Re: American Imperialism?

From: Zero Powers (
Date: Sat Mar 18 2000 - 23:47:22 MST

>From: (Octavio Rojas Diaz)
>On 18/03/00, 07:32:12 a.m., "Zero Powers" <>
>wrote regarding Re: American Imperialism?:
> > Right, that is *not* imperialism. Imperialism is extending a nation's
> > authority by territorial acquisition or by the establishment of
>economic and
> > political hegemony over other nations. The US is not doing this. We
> > basically acting as the referee in the world's international wrestling
> > matches, and enforcing the rules when we notice low blows. No, no one
> > appointed us as the referee, but we're the biggest kid on the block
>and have
> > assumed the role of shot caller by default. Maybe its a good thing,
> > its not. But it is definitely *not* imperialism.
> > -Zero
>I sincerely wish the U.S., was doing what you say, but unfortunately
>the U.S. is still a very imperialist and interventionist country.

The problem with this discussion, perhaps, is carelessness with terminology.
  I agree 100% that the US is "interventionist." I don't think *anyone*
denies that. But "interventionism" and "imperialism" are not
interchangeable terms. If the thrust of your position is that the US should
let the pendulum swing back a bit toward isolationism, I might not
necessarily disagree (although I have not fully considered the issue as it
has not specifically been raised in this thread). But regardless of whether
or not you are a fan of US foreign policy the plain fact is that
"imperialism" is an untrue, unfair and perjorative description of US policy.

>But unfortunately when you live in America, you don't get all the
>about the things that happen in our regions of the world.

You are not actually claiming that non-US citizens are more informed about
US foreign policy than Americans, are you? If you are, I must beg to
differ. Freedom of the press is one of our most cherished rights, and our
press is not shy in the least about putting Government policy (foreign or
otherwise) in a less than flattering light.

>Speaking of my country (Mexico)
>Although after the end of the usa/Mexico war when we lost more than
>half our
>territory the usa has never invaded or threatened us militarily,
>they've forced
>us to do what they think it's better using all sorts of resources or

This is called foreign policy. It's using your clout (political, economic,
or military) to induce your neighbors to act in your best interest. *Every*
nation does it (or tries, or wants to do it). But since the US has the most
clout it is usually the most successful at having other nations comply with
its wishes. Again, like it or no, this simply is not imperialism.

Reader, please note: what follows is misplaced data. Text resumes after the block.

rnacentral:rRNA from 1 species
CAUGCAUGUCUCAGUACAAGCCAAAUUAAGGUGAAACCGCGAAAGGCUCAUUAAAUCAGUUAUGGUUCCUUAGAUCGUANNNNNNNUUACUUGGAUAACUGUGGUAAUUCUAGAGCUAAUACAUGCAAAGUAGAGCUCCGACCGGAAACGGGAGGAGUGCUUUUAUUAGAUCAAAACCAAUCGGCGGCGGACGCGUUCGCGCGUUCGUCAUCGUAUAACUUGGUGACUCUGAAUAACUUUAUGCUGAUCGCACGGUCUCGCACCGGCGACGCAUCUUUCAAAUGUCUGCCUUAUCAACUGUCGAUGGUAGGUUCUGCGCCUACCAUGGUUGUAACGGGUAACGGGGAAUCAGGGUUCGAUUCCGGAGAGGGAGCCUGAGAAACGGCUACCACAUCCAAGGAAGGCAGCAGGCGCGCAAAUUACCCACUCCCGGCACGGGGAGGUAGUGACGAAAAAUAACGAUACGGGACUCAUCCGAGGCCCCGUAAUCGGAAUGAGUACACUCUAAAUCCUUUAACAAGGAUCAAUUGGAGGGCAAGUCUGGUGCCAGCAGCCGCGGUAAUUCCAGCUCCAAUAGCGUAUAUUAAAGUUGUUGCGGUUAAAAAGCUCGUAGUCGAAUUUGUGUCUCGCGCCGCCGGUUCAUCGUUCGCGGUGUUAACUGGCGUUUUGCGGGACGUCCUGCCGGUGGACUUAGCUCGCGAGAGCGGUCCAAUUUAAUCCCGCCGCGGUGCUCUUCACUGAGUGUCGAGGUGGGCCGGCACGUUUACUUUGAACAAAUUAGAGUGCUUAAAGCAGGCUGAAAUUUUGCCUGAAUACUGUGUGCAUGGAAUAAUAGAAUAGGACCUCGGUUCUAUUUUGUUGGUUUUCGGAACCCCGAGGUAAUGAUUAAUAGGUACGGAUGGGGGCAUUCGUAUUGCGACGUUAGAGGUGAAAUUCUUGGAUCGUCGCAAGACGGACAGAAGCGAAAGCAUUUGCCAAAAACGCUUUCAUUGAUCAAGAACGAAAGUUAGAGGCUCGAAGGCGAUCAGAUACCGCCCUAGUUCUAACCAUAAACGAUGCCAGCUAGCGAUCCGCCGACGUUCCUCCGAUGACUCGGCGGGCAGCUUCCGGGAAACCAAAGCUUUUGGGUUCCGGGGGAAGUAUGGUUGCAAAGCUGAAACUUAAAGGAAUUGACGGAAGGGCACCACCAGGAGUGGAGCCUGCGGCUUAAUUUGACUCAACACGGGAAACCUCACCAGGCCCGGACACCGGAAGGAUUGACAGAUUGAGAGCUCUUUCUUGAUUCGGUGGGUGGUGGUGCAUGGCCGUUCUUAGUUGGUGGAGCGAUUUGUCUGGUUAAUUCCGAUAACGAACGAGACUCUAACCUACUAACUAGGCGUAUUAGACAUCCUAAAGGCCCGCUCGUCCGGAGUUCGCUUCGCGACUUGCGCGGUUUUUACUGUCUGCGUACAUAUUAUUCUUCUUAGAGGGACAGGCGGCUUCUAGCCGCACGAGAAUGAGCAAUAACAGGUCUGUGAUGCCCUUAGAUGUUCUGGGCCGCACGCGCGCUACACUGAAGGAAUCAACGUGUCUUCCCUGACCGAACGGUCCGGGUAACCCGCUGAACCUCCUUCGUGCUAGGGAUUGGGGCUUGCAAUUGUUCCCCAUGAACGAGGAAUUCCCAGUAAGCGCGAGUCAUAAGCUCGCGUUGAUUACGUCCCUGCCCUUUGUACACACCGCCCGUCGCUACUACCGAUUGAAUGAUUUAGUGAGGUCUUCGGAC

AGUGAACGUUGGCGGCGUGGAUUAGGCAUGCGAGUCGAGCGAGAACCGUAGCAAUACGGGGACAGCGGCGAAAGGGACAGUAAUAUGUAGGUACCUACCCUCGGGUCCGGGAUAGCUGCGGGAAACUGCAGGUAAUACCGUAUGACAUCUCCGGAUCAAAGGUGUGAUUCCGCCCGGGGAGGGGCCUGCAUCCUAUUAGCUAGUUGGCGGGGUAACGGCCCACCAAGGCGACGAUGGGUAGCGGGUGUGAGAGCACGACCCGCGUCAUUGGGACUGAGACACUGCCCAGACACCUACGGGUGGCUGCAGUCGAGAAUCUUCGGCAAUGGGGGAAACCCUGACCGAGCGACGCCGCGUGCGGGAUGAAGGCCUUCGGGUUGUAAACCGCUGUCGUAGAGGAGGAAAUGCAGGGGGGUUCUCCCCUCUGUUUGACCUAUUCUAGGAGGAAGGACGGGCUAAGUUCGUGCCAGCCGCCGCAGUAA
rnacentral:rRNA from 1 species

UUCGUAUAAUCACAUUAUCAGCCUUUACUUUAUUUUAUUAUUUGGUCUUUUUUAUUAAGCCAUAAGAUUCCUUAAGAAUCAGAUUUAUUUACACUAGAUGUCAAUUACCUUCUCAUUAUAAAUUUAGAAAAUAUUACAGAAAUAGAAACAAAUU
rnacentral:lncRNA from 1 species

>An example of this is the certification measure, here in Mexico every
>time the
>congress up there is deciding if we'll get or not certified. it
>creates a lot of
>tension and hurts our relations because it's an unilateral procedure
>based on
>U.S. Interests only and not ours, but they still implement it, because
>easier to use scape goats and pretend they are combating drug abuse by
>being tough
>on poor defenseless countries instead of looking wiser alternatives to
>this senseless
>drug war, and I could quote several other examples (operation
>casablanca, etc.)
>that the U.S. government does to force us their beliefs or systems.
>And well to avoid unnecessary rants, I'll just say is not very fair
>for a country to
>use it's enormous military or economic power to force other countries
>do things they
>don't like, and that in my opinion is... imperialism, call it neo
>imperialism if you want
>but it still doesn't make it any less worse.

It's not imperialism, neo-imperialism, retro-imperialism or
quasi-imperialism. What you are talking about is mere "influence."
Imperialism suggests exercising much more than mere influence upon a foreign
power. Imperialism denotes "hegemony." At most the US attempts to impose a
moral or ideological "hegemony," if you like, over its neighbors, but this
does not rise to the level of military, economic or political hegemony.
There is a big difference between the two, one is not imperialism, the other


>Any comments?

Octavio, don't misinterpret me, I'm not saying that US foreign policy is the
best. I'm just trying to point out that it is *not* imperialism. To call
America "imperialist" is merely to reveal your own displeasure over its
policies and to use the same sort of hyperbolic rhetoric as the pro-gun
folks who refer to gun-control proponents as "fascists." It doesn't further
your cause, it doesn't foster constructive dialogue, and makes you come
across as reactionary.

Just my dos centavos.


"I like dreams of the future better than the history of the past"
--Thomas Jefferson

Get Your Private, Free Email at

This archive was generated by hypermail 2b29 : Thu Jul 27 2000 - 14:05:48 MDT